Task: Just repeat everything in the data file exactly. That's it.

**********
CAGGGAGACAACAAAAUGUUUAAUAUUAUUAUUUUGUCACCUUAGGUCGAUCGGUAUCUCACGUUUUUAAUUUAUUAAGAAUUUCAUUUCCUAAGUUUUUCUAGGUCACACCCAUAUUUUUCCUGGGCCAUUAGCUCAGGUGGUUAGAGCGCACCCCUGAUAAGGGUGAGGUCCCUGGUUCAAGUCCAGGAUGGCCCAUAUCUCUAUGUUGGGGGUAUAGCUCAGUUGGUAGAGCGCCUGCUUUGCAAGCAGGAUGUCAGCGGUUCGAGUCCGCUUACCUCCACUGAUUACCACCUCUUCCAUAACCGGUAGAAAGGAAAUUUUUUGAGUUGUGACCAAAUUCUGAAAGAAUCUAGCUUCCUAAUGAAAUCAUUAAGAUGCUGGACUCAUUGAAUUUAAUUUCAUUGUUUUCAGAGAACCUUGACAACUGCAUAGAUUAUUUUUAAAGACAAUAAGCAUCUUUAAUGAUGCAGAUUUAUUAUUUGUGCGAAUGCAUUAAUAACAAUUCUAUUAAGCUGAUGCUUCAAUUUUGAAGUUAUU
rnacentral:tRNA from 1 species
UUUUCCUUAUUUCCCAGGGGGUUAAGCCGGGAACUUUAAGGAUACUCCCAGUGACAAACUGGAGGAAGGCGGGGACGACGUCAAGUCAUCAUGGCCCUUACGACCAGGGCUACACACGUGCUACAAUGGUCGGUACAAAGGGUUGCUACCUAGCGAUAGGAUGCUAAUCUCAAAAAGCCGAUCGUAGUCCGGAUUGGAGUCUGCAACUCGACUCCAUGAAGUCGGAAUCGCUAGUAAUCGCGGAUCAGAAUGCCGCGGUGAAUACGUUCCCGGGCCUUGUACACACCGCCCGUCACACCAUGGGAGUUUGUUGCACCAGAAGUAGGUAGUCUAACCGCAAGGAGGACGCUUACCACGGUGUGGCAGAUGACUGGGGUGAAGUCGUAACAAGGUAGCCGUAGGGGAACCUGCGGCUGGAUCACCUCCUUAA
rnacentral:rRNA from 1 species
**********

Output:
CAGGGAGACAACAAAAUGUUUAAUAUUAUUAUUUUGUCACCUUAGGUCGAUCGGUAUCUCACGUUUUUAAUUUAUUAAGAAUUUCAUUUCCUAAGUUUUUCUAGGUCACACCCAUAUUUUUCCUGGGCCAUUAGCUCAGGUGGUUAGAGCGCACCCCUGAUAAGGGUGAGGUCCCUGGUUCAAGUCCAGGAUGGCCCAUAUCUCUAUGUUGGGGGUAUAGCUCAGUUGGUAGAGCGCCUGCUUUGCAAGCAGGAUGUCAGCGGUUCGAGUCCGCUUACCUCCACUGAUUACCACCUCUUCCAUAACCGGUAGAAAGGAAAUUUUUUGAGUUGUGACCAAAUUCUGAAAGAAUCUAGCUUCCUAAUGAAAUCAUUAAGAUGCUGGACUCAUUGAAUUUAAUUUCAUUGUUUUCAGAGAACCUUGACAACUGCAUAGAUUAUUUUUAAAGACAAUAAGCAUCUUUAAUGAUGCAGAUUUAUUAUUUGUGCGAAUGCAUUAAUAACAAUUCUAUUAAGCUGAUGCUUCAAUUUUGAAGUUAUU
rnacentral:tRNA from 1 species
UUUUCCUUAUUUCCCAGGGGGUUAAGCCGGGAACUUUAAGGAUACUCCCAGUGACAAACUGGAGGAAGGCGGGGACGACGUCAAGUCAUCAUGGCCCUUACGACCAGGGCUACACACGUGCUACAAUGGUCGGUACAAAGGGUUGCUACCUAGCGAUAGGAUGCUAAUCUCAAAAAGCCGAUCGUAGUCCGGAUUGGAGUCUGCAACUCGACUCCAUGAAGUCGGAAUCGCUAGUAAUCGCGGAUCAGAAUGCCGCGGUGAAUACGUUCCCGGGCCUUGUACACACCGCCCGUCACACCAUGGGAGUUUGUUGCACCAGAAGUAGGUAGUCUAACCGCAAGGAGGACGCUUACCACGGUGUGGCAGAUGACUGGGGUGAAGUCGUAACAAGGUAGCCGUAGGGGAACCUGCGGCUGGAUCACCUCCUUAA
rnacentral:rRNA from 1 species